Fresh off a big capital raise, Bulgarian fintech Payhawk is eyeing expansion outside its European base, with the U.S. squarely in its sights.
"We will be opening a New York office in the second quarter, and by the third quarter will have the capability to offer bank accounts and credit cards to our clients," said CEO and co-founder Hristo Borisov, adding that the company’s U.S. bank partner will be Fort Lee, New Jersey-based Cross River Bank.
The Sofia-based company is already an international business, with offices in London, Berlin and Barcelona, according to its website.
Payhawk integrates payments for business clients — through credit cards, but also wage pay, invoices and other payments types — with software-as-a-service spend management solutions. Borisov and his two co-founders previously worked as software engineers at the software company Telerik, also based in Sofia.
Founded in 2018 with 70 employees currently, Payhawk expects to have a head count of 100 in the U.S. by the end of 2023, and 600 globally, Borisov said in a recent interview. The company raised $20 million in a Series A funding round in April and last month raised a further $112.5 million in a Series B round, which valued Payhawk at more than $520 million.
The SaaS payments/spend management tech arena is a crowded, competitive space with many young companies and their dueling products jostling for market dominance. Top players in the U.S. include San Francisco-based Brex and New York-based Ramp.
Research firm Coherent Market Insights says the global SaaS market will almost double in size by 2027, relative to 2017, to more than $114 billion, with spend management SaaS accounting for more than $18 billion of that.
Coherent says that by 2027 North America will represent by far the largest market for spend management SaaS with more than 31% share of global sales, underscoring the importance to Payhawk of its upcoming push into the region.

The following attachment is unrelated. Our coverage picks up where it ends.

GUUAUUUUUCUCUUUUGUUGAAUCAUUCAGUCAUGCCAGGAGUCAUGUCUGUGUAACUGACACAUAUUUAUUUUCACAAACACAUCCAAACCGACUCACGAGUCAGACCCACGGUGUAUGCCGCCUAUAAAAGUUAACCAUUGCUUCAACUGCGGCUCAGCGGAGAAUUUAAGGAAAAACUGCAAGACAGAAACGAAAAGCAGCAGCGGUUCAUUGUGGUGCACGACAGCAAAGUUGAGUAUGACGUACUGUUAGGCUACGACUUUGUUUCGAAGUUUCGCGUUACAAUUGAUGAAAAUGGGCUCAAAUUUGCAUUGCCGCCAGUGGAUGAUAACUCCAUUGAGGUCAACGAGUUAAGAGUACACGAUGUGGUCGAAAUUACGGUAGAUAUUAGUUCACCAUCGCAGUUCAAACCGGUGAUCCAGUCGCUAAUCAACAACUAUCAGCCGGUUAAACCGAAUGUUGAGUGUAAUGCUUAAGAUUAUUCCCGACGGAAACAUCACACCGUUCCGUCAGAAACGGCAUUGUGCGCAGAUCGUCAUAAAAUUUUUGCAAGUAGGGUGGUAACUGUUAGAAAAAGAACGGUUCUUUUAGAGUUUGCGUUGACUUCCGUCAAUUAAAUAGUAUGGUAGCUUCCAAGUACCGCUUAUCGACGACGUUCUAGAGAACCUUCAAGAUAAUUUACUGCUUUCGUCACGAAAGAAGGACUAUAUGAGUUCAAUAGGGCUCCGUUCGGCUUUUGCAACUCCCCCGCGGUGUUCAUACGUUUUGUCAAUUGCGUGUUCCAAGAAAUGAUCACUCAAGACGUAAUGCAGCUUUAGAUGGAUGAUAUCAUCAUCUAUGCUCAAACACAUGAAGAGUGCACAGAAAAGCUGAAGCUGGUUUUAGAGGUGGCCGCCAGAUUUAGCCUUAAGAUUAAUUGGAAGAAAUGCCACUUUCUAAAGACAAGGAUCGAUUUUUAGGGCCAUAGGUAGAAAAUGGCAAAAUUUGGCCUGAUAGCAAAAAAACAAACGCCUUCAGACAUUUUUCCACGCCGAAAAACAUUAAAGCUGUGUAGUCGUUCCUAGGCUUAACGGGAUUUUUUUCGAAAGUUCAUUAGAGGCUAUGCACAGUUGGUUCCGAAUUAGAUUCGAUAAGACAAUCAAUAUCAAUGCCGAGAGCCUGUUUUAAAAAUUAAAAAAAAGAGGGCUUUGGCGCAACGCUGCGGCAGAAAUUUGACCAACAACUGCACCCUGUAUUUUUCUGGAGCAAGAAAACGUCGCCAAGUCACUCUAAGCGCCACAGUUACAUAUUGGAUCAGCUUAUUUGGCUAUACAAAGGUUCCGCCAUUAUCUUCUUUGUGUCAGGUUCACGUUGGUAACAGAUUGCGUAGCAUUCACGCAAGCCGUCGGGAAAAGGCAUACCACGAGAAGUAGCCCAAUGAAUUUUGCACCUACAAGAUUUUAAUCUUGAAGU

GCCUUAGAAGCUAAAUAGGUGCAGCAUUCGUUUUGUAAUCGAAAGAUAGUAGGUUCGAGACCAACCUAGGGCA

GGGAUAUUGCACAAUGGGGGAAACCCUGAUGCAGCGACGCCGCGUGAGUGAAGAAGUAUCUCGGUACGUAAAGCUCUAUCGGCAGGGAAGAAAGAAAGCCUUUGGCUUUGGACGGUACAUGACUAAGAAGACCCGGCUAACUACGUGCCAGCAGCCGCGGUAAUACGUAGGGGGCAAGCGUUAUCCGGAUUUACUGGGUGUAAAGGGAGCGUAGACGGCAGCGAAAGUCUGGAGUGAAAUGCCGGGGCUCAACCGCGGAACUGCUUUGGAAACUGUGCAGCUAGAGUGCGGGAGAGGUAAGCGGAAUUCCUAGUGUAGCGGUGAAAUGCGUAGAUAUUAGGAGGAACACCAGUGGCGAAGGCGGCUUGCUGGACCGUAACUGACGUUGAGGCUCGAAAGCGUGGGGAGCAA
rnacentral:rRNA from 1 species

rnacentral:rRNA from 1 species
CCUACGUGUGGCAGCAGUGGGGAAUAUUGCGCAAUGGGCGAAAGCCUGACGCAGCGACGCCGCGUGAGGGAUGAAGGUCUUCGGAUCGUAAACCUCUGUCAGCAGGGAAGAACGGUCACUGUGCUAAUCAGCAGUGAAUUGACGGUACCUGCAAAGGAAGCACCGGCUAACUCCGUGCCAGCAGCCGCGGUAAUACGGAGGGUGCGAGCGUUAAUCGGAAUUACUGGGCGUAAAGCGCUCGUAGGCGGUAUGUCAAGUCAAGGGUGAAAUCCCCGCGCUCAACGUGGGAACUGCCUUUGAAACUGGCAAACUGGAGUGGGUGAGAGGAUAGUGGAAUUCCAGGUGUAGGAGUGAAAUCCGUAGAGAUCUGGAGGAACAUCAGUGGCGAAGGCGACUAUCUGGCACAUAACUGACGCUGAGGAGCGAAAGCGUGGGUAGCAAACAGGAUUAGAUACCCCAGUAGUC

Integration of payments into automation of enterprise functions like expense management and bill pay is a major focus in finance departments across the corporate landscape, according to fintech merger and acquisitions advisory firm Marlin & Associates. The reason: cost savings.
Payhawk’s U.S. focus will be on companies that do business internationally, where Borisov feels Payhawk will have a significant competitive advantage based on the company’s experience serving multiple countries throughout Europe. "For example, our platform can work in more than 60 languages," he said. "And our target will be relatively large enterprises with more than 100 employees."
Expansion for Payhawk in the U.S. is expected to accelerate significantly in 2023, though much of 2022 will be spent in a test phase, Borisov said. Customers of the company include the Luxembourg airline Luxair, the London-based IT recruiting firm Club Freelance and the German auto retail store company Auto-Teile-Unger, according to Payhawk's website.
While he acknowledges the intense competitive landscape in the U.S, Borisov believes his strategy of focusing on internationally oriented U.S. enterprises — where he says Payhawk has a service and product advantage — will create a strong growth path into the American market.
"U.S. firms in our space are mostly focused on the domestic market," he said. "And our focus on relatively large enterprises of 100 employees or more is also a plus, because many players in the U.S. target smaller businesses."
Payhawk said 95% of manual entry of data is eliminated with its product and that its clients can close their books five days faster every month, with the typical client realizing more than $30,000 every month, not to mention 3% cash back on all purchases made on its credit cards.
What makes Payhawk a standout in its space is its ability to execute at the highest level on product development and service, according Mehmet Atici, partner at Luxembourg-based Early Bird Digital East, a venture capital fund focused on Eastern Europe and an early investor in Payhawk.
“Even in the first months after Payhawk was founded, the company demonstrated outstanding product agility,” he said, pointing out that while fintech product ideas are a dime-a-dozen, "what is rare is product quality, and how well a company grows its product to respond to market needs."